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David Almond’s extraordinary novels have established him as an author of unique insight and skill. These stories encapsulate his endless sense of mystery and wonderment, as they weave a tangible tapestry of growing up in a large, loving family. Here are the kernels of his novels—joy and fear, darkness and light, the
healing power of love and imagination in overcoming the wounds of ignorance and prejudice. These stories merge memory and dream, the real and the imagined, in a collection of exquisite tenderness.
set off on his journey through the ages? Who will enter our marvelous museum and learn of the intrepid voyagers from the past? Who will be there when the boy returns with his stories and his souvenirs . . . ?” We enter the blue interior, and behind us the people of Felling begin to step up to pay and follow . . . Inside: a translucent canopy, straw spread upon the grass, shelves, caskets and cupboards, another low stage, and the machine itself. It’s an upright cylinder, tall and broad as a
Morlock puts his arm around me. He says the boy is exhausted. He announces that it is over. He tells the crowd that they have seen a wondrous thing and that they may go now. They leave, whispering, wondering, laughing. Dad waits and we step down from the stage. “I traveled in the Time Machine as a boy,” he says. Morlock smiles. “Ah! In my father’s day. In Corinna’s mother’s day.” Corinna kisses me. She whispers, “Don’t forget. Make sure you come to me.” Morlock carries the earth to the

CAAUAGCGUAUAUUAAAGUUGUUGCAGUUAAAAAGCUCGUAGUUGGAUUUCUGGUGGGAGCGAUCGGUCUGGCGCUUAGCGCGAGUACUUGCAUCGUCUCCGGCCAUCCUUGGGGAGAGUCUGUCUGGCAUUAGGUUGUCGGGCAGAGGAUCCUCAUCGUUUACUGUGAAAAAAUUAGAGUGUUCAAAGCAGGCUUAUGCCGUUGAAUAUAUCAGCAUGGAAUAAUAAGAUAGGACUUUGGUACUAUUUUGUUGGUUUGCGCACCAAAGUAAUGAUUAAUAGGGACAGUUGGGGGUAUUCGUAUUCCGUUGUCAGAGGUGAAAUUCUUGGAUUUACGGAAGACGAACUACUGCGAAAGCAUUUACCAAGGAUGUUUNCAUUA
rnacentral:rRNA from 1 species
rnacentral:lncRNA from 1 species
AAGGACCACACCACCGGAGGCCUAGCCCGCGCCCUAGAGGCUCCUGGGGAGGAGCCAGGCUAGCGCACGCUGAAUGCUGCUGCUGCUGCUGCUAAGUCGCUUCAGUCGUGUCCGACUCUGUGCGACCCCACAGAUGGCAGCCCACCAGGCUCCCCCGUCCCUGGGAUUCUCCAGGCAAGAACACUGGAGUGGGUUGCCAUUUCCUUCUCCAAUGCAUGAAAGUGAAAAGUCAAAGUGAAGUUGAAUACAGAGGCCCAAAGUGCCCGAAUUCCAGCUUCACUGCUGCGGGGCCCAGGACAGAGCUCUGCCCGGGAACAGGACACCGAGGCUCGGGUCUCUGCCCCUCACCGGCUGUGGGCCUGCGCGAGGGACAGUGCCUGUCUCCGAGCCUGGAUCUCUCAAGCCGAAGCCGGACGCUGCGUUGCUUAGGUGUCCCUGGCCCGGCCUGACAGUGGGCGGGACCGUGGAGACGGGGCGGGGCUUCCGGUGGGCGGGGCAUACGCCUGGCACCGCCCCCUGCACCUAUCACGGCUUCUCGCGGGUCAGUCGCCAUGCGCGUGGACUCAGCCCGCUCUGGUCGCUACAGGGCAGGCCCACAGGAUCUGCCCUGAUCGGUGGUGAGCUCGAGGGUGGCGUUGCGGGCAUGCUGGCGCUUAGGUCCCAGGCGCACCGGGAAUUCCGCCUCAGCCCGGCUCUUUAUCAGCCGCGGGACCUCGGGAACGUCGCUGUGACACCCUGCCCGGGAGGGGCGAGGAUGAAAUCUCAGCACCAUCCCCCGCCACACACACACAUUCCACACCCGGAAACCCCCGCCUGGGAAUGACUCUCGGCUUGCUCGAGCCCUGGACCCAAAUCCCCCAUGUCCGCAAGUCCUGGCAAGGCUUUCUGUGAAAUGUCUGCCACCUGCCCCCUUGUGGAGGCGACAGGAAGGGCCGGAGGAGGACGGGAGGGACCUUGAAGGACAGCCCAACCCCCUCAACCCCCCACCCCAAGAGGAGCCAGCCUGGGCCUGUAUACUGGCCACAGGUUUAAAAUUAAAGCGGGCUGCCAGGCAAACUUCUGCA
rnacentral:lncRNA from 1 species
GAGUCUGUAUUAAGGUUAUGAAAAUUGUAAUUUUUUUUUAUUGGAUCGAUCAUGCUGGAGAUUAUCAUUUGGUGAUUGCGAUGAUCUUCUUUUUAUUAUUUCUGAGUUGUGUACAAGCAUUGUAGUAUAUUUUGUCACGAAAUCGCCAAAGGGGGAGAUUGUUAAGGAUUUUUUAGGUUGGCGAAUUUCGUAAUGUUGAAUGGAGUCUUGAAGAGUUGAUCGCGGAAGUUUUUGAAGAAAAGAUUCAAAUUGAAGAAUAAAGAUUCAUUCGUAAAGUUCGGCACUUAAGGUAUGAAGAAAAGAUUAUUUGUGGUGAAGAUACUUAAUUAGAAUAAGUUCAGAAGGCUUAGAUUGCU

poltergeists and human vanishings. I took home books on yoga and propped them on the bedroom floor as I attempted the Plow or the Lotus or teetered upside down on my head. I squatted between the beds, meditated, and attempted to reach some higher plane. I kept reading about the body’s subtlety: there was the thing of bones and the thing of spirit; in between was an astral body with elements of both these forms. This body could be inhabited by adepts, who traveled in the astral plane above the
sweetness and her breath, and my anticipation of tomorrow. Mick and I stood beneath the trees. We breathed smoke through the mist toward the lights. “Tell me about the Fathers,” I said. “Why’s it always that you want to know?” “Were there things you can’t talk about?” “Things?” “Secrets. Things they taught you. Things they showed you.” “We did Latin all the time. They told us about Africa and malaria. They went on and on about Hell. They showed us how to lie in bed in an attitude of
toward the club across the fields, where as always he’d spend an hour or two with old friends. I set off for home with fresh flowers and a lettuce under my arm. A scorching afternoon had settled on the neighborhood. Children played in the gardens, on the verges, in the meager shadows of young trees. Front doors were wide open. Old people in battered sun hats sat in the shade at the sides of their homes. There were prams in many gardens, shades drawn up, chrome trimmings sparkling. There was the